Did you know that the mistake made most often in getting ready for an interview is unkempt shoes? According to the Shoe Service Institute of America, 89% of business recruiters rate good grooming high on the requirement list for senior executive material, and the way you take care of your shoes is a big part of the image you present. Here’s another quote from this source:
“Shoes are a reflection of their owner’s personality. That’s what both personnel professionals — who have been known to observe people closely — and white collar workers (the people they usually observe) said. Well kept shoes stand for professionalism, attention to detail, ambition, efficiency, conscientiousness, organization, confidence and even friendliness.”
Now most of us really don’t go around looking at everybody else’s shoes all the time, it’s true. But there is one time that your appearance is critically evaluated from the top of your head to the soles of your shoes, and that’s during an interview. The way you have groomed your clothing and shoes shows how much you care about detail and the work it takes to keep things in good repair.
If you don’t bother to shine your shoes or repair that ripped seam for an important interview, what else will you ignore once you are on the job? If you aren’t interested in ironing a wrinkly shirt, will you be the best candidate for a position that represents the company? These issues might seem a bit nit-picky but what sloppiness reveals is character, and all the interviewer can go on to determine what you will be like is the references in your resume and the evidence in your appearance.
It doesn’t take much research to figure out how to dress for that job interview, and it doesn’t take much work to get that outfit in good condition. But don’t forget to shine your shoes.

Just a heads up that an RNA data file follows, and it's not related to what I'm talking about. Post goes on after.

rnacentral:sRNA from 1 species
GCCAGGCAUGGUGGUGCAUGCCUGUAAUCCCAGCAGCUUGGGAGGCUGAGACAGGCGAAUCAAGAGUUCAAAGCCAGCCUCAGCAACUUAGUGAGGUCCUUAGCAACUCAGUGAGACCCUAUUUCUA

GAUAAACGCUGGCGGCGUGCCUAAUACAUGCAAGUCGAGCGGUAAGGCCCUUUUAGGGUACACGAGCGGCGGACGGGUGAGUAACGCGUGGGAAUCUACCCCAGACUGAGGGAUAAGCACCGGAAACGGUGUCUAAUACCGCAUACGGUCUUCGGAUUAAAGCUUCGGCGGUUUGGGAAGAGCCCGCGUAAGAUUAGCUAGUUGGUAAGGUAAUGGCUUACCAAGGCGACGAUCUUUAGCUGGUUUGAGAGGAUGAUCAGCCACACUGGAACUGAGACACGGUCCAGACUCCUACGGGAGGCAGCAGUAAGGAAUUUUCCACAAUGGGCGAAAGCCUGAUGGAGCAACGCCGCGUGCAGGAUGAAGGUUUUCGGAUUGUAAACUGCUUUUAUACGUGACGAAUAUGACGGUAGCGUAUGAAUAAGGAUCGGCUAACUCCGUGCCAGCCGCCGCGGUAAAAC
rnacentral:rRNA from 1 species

The question, “Where do you see yourself in five years?” is considered to not only be one of the most hated and laziest questions asked during an interview, but also the most common. Because you are certain to be asked this question at least once during your job search process, it’s a good idea to have an answer ready. Because it generally comes towards the end of the questions posed to candidates, it’s a good idea to anticipate it being asked and to be proactive about getting the information you need to answer it. During the interview there is generally give and take between you and the interviewer. Use this to your advantage by asking about projects that are currently being worked on, what types of projects you are likely to be immediately assigned to, and that sort of thing. You want to have enough fresh information to be able to give a good answer should this dreaded question be asked, and also to properly formulate questions later on when asked. There is no correct answer to this question, but there are several wrong answers. Answers where you seem arrogant or glib are to be avoided at all costs. You also want to avoid sounding as though you have no future plans and haven’t considered your role and impact on the company. When you are finally asked the question, talk about how the projects mentioned previously have been completed successfully, how you have moved on to other projects and expanded your role with the company. If there is continuing education involved, talk about how you anticipate it positively impacting your role within the company, completion of projects and your work with assigned teams. This makes you look thoughtful, like a team player and as an asset to the company. An important note is that when you tailor your answer to your impact on the company you are interviewing with, you save the interviewer the trouble of trying to picture how you would fit in with the company and what you would offer. This is a winning approach to an often dreaded question.